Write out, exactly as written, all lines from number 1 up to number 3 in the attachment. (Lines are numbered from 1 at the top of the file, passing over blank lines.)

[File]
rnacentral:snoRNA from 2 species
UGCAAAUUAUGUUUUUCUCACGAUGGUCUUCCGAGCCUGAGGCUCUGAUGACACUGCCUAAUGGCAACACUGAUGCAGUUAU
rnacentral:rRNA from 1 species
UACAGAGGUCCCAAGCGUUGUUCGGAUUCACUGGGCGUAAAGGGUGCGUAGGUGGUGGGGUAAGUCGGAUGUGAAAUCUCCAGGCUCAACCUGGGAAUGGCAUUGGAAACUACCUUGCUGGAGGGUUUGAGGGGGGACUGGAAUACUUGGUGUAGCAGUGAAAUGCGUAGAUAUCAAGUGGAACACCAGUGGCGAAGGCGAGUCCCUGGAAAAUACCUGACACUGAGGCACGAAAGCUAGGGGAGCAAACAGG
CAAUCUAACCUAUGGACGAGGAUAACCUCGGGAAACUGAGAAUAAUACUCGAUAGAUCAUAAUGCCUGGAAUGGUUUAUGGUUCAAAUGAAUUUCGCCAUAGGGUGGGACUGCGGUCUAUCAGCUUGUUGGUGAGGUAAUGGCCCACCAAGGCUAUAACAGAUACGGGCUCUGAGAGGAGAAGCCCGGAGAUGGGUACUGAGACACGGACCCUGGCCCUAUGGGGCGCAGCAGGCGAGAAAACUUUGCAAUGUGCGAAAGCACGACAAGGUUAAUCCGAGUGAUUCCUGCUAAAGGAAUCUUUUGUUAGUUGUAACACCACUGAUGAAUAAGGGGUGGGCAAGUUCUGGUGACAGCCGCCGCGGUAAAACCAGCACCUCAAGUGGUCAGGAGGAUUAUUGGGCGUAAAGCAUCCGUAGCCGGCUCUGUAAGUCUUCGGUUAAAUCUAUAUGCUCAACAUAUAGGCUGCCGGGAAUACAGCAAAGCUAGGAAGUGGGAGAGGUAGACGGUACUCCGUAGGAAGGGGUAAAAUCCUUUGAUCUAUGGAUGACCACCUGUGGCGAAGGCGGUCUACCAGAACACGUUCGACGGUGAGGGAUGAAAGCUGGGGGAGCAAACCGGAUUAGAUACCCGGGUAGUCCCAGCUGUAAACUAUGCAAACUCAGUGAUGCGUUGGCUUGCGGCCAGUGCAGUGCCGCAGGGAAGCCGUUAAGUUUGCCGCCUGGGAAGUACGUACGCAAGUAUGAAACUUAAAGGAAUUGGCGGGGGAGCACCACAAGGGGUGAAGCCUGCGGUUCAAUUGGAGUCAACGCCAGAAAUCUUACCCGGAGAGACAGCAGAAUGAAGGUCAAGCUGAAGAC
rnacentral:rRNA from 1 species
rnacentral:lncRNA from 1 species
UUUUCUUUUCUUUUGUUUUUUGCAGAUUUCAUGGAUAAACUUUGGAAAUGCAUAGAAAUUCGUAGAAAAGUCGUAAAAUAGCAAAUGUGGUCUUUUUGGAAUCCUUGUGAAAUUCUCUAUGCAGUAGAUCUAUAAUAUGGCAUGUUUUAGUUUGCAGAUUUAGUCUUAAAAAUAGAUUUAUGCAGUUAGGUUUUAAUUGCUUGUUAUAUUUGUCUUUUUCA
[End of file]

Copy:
rnacentral:snoRNA from 2 species
UGCAAAUUAUGUUUUUCUCACGAUGGUCUUCCGAGCCUGAGGCUCUGAUGACACUGCCUAAUGGCAACACUGAUGCAGUUAU
rnacentral:rRNA from 1 species